The Lincoln Project (LP) jumped right on it with this ad, which plucks the worst moments from the interview, including the exchange about testing, and frames them as a sitcom episode (specifically, an episode of "Seinfeld"), complete with laugh track:
Obviously, we don't need to jump on it every time George Conway & Co. get off a particularly sharp bon mot. However, this particular spot tells us two things. The first is that the cashiering of Ben Howe, who was given his walking papers before the interview aired, does not appear to have robbed the LP of its edge. The second is that the gap between interview and completed ad was less than a day. With that kind of turnaround, anything Trump does or says could be skewered by the next day. We imagine, in particular, that the LP will have its creative folks burning the midnight oil on the nights of the three presidential debates (if they happen). (Z)
And we continue the VP profiles. Here is the list of candidates that we will profile, and the order in which we will profile them:
- Sen. Kamala Harris (D-CA) [Score: 27.5]
- Gov. Michelle Lujan Grisham (D-NM)
- Sen. Tammy Duckworth (D-IL)
- Gov. Gretchen Whitmer (D-MI)
- Sen. Elizabeth Warren (D-MA)
- Rep. Karen Bass (D-CA)
- Mayor Keisha Lance Bottoms (D-Atlanta)
- Former Georgia state Rep. Stacey Abrams
- Former NSA Susan Rice
- Gov. Gina Raimondo (D-RI)
- Rep. Val Demings (D-FL)
- Sen. Maggie Hassan (D-NH)
As a reminder, we're awarding up to 10 points across five different areas of concern: How ready the candidate is to assume the presidency, if needed; what kind of coattails the candidate might have in terms of helping the Democratic ticket in their state/region; what the candidate brings to the table in terms of "nuts and bolts" political skills like fundraising and debating; the depth of the candidate's relationship with Biden (to the extent that information is publicly known); and how well the candidate balances out Biden. So, the perfect running mate would score a 50, while Sarah Palin would score a 0.
- Full Name: Michelle Lynn Lujan Grisham
- Age on January 20, 2021: 61
- Background: While New Mexico is a relatively small state, it's had two great
political dynasties, the Udalls and the Lujans. The Lujans have been there longer, though, having arrived in New Mexico
two centuries before it became a U.S. state. Although Lujan Grisham's father Llewellyn (a dentist) and her mother
Sonja (a homemaker) did not join the family "business," her grandfather was a judge on the New Mexico Supreme Court, her
great uncle Manuel Lujan Sr. was mayor of Santa Fe, her uncle Manuel Lujan Jr. served for 20 years in the House and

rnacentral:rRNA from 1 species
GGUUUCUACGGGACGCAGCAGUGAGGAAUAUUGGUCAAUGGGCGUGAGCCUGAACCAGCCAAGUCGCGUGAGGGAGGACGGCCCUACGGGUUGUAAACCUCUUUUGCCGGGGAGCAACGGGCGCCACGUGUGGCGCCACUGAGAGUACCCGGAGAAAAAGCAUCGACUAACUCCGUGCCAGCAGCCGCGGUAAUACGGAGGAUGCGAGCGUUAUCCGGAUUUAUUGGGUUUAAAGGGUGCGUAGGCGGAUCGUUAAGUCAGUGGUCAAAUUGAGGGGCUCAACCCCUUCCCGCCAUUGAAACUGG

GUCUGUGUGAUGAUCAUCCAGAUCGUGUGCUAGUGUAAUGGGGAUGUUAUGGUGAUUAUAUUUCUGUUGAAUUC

also as George H.W. Bush's Secretary of the Interior, and her cousin Ben Lujan served as a state representative for
nearly 40 years. Ben's son and Michelle's cousin Ben Ray Luján is currently representing New Mexico in the House,
and is likely to win the right to take over Sen. Tom Udall's (D) seat in November. Note that Ben Ray is the only member
of the family who prefers to accent his last name.
Lujan Grisham was not only born and raised in New Mexico, she got her entire education there, graduating from St. Michael's High School in Santa Fe and then earning her B.S. and J.D. from the University of New Mexico. Her time in the private sector was relatively brief, but after leaving school she worked for the New Mexico State Bar, and also founded the Delta Consulting Group, which helped people who had been denied health insurance to get coverage.
- Political Experience: Lujan Grisham's political career began in 1994, by appointment. She
served three governors (Bruce King, Gary Johnson, and Bill Richardson) as Director of New Mexico's Agency on Aging, and
then was tapped by Richardson to be New Mexico Secretary of Health, a position she held from 2004-07.
Lujan Grisham took her first shot at federal office in 2008, running for the House, and losing in the Democratic Primary to now-Senator Martin Heinrich. She hasn't lost an election since, winning a term on the Bernalillo County Commission (2010-12), followed by three terms in the House of Representatives (2012-18), and then the New Mexico governorship (2018-present). During her time in Washington, she was seen as a rising star, and became chair of the Congressional Hispanic Caucus. Her gubernatorial term has been generally successful, and she's very popular with the state's Democrats (80%/20% approve/disapprove).
- Signature Issue(s): Healthcare. As noted, she began work on this issue even before entering
politics, and then spent 13 years running (or helping to run) the New Mexico government's healthcare bureaucracy. This
issue is also personal for Lujan Grisham; her husband died very young, of an aneurysm, her sister died very young,
of a brain tumor, and she currently serves as caregiver for her senior-citizen mother.
- Instructive Quote: "You don't want a second-class set of citizens inside the United
States." (Jan. 12, 2018)
- Recent News: All of the headlines that the Governor has made recently involve her
desire to combat COVID-19 as aggressively as possible; something she has sparred with the
over. Examining her
makes this clear; the only recent post there that is not COVID-19 related is a tribute to John Lewis,
including a picture of Lujan Grisham with the Congressman. As a bonus, the man in the picture actually is Lewis, and
not Elijah Cummings, which